Local keywords aren’t always clearly logical

The other local keyphrase issue came from a meeting with a client in a completely different sector. The issue here was that in taking four neighbouring counties around London and looking at search volumes for the client’s services, one of the counties had  no  reported search volume while the other three had  ok levels of demand. What caused this difference? Do people in Buckinghamshire not require this client’s particular service? is the market sewn up by a competing brand?  was our tool acting up or perhaps the folks in Bucks consider themselves more London than Surrey, Middlesex and Hertsfordshire and use “London” in their searches? It’s not something we’ve got to the bottom of yet.

Takeout: Doing keyword research is hard work if you do it properly but it doesn’t end at the drill down. Having local knowledge and being able to apply it to a solution can ensure that you get that extra bit from your keyword strategy.

Mobile Search

We’re doing some pretty interesting work on mobile search at the moment. Hopefully we’ll be able to share more in the near future, but we’re loving this area. Why are we so interested? Well according to Google 43% of the UK population will have a smartphone by the end of this year. Microsoft found that providing mobile formatted or mobile specific content can increase conversions by 75%.

We’re also seeing mobile traffic increase across all clients. 20m people access the mobile web every month in the UK.  This really is the year of the mobile and there’s a real shift happening in terms of consumer and business behaviour.

Fascinating stuff


Tandem gets great results for leading marketing agency

One of Scotland’s leading agencies commissioned Tandem Digital to work on their site visibility. When we won the business they were nowhere to be seen on Google for their services in the Scottish market or the UK.  In the last few months they have launched their new site based on Tandem’s recommendations and over the last two months they are now hitting first page visibility for some pretty competitive keywords.

Multilingual multi country sites

Tandem is working on a very interesting project with a global travel company that you may have heard off (yep that’s the one). The project, which kicked off earlier in the year, is to build a platform allowing the company to roll out it’s affiliate marketing offering across multiple languages. We’ve built a very cool system using our old friend Drupal which will initially be rolled out over 11 languages.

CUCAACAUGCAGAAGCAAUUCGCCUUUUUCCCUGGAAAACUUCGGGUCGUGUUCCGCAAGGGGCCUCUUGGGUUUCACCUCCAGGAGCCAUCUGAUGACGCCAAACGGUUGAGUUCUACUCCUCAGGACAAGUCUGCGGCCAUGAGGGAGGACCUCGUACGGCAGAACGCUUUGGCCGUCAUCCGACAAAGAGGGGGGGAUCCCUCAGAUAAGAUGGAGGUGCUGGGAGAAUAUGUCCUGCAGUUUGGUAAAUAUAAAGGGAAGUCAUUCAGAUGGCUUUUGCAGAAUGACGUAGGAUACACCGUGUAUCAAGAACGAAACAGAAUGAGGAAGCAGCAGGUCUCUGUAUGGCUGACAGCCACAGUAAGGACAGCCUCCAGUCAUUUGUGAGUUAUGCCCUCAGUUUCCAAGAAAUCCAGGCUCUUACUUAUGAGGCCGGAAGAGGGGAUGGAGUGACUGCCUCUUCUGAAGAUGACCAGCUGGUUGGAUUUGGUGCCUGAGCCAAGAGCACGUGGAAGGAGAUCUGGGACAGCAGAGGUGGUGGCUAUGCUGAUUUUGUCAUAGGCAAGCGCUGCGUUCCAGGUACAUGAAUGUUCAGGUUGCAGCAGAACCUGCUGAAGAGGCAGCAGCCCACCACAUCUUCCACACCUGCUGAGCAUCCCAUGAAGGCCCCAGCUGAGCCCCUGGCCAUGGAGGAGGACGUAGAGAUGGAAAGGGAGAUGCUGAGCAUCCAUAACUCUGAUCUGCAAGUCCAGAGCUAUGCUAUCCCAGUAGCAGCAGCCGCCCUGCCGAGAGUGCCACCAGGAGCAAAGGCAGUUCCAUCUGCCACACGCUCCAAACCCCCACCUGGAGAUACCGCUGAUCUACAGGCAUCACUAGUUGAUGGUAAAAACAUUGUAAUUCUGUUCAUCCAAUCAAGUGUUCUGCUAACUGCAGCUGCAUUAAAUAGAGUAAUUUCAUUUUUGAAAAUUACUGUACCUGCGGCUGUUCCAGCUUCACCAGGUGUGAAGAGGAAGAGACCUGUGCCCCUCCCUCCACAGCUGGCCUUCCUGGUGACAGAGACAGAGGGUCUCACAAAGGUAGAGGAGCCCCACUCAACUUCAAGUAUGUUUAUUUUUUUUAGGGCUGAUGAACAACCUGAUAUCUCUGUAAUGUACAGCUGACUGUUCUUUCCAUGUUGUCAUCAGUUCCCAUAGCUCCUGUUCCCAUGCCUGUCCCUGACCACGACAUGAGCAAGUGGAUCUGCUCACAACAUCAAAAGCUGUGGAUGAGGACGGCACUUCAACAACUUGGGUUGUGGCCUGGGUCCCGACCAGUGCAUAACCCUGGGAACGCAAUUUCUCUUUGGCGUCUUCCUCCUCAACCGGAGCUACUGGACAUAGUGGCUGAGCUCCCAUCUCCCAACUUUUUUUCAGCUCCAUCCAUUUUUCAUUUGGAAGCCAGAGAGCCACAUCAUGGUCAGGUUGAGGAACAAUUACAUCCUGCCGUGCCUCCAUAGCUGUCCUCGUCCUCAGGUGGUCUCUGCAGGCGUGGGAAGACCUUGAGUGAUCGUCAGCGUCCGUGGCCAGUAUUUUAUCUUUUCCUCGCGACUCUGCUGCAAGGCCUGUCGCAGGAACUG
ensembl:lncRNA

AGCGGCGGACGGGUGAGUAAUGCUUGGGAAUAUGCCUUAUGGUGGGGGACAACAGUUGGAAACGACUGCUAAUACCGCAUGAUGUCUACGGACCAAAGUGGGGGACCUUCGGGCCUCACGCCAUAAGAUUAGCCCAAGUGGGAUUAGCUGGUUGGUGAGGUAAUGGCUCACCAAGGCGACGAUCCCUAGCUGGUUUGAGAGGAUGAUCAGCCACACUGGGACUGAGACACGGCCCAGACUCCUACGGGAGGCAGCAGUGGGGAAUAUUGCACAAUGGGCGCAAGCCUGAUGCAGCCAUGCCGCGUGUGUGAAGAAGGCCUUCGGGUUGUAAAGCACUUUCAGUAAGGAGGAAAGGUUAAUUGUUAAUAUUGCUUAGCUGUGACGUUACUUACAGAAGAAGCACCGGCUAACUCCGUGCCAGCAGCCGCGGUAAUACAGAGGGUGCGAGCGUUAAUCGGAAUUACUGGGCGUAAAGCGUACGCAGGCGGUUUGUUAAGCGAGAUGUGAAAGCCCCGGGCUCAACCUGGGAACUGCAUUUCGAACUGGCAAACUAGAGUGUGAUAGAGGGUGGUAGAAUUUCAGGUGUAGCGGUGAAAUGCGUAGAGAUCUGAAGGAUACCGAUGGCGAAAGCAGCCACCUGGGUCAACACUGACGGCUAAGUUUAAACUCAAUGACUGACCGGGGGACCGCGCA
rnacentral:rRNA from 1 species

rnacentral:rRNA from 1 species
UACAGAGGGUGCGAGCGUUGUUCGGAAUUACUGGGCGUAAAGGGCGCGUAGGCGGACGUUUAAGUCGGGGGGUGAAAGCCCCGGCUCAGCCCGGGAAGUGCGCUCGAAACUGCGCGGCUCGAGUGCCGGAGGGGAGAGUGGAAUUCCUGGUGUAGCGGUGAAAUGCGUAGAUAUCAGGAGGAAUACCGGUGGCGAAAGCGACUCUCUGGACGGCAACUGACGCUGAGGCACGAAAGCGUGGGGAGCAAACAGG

Oxford English Dictionary New Inclusions

The OED has released it’s list of 2000 new entries. We thought we’d have a quick look at how these words are performing in terms of Google searcher demand and guess what – social media, as you would guess has come

in top of the leader board.

geo-engineering Google insights

Geo-engineering makes an appearance in 2008 and is very driven by press events.

staycation google insights oxford english dictionaryStaycation starts getting traction slightly earlier with people making the best of not having funds for those two weeks in the sun.

Carbon storage has a steady increase over the last half decade, although Google’s prediction is that demand will fall.

microblogging oxford english dictionary inclusion and google insightsMicroblogging doesn’t get any interest until 2007 and then whoohooo up  it shoots most likely as a reflection of the success of Twitter and follow me flavours such as Yammer.

social media oxford english dictionary google insightAnd then comes Social Media.  Some interest at the beginning of 2004 and then almost exponential growth when we hit the beginning of last year;  a reflection of when social media became “mainstream” .

And yet with all the noise created  on social media about social media, how often do you come across someone doing it naturally and really well? How often do you see the normal everyday integrations as opposed to the shout it from the treetops “groundswell” examples?

Has so much noise ever been created by so many (gurus) with so little tangible results. Not saying that social media isn’t  changing the way that companies and individuals communicate but we’re still in a period of chassis – lot’s of proclamations of big changes but at the coal face any of us working in it are still struggling to get senior executives to embrace it, even if they “get it” in theory.

It doesn’t help that on agency side there are a whole lot of egos (sorry blame it on being weary from a really badly executed staged connection thing going on between “socialmediaistas” in one of our twitter streams) who are proclaiming SM as the new way of the world… but ignoring the substance.

Hurrumph – perhaps time for that staycation.

Twitter – how to start relationships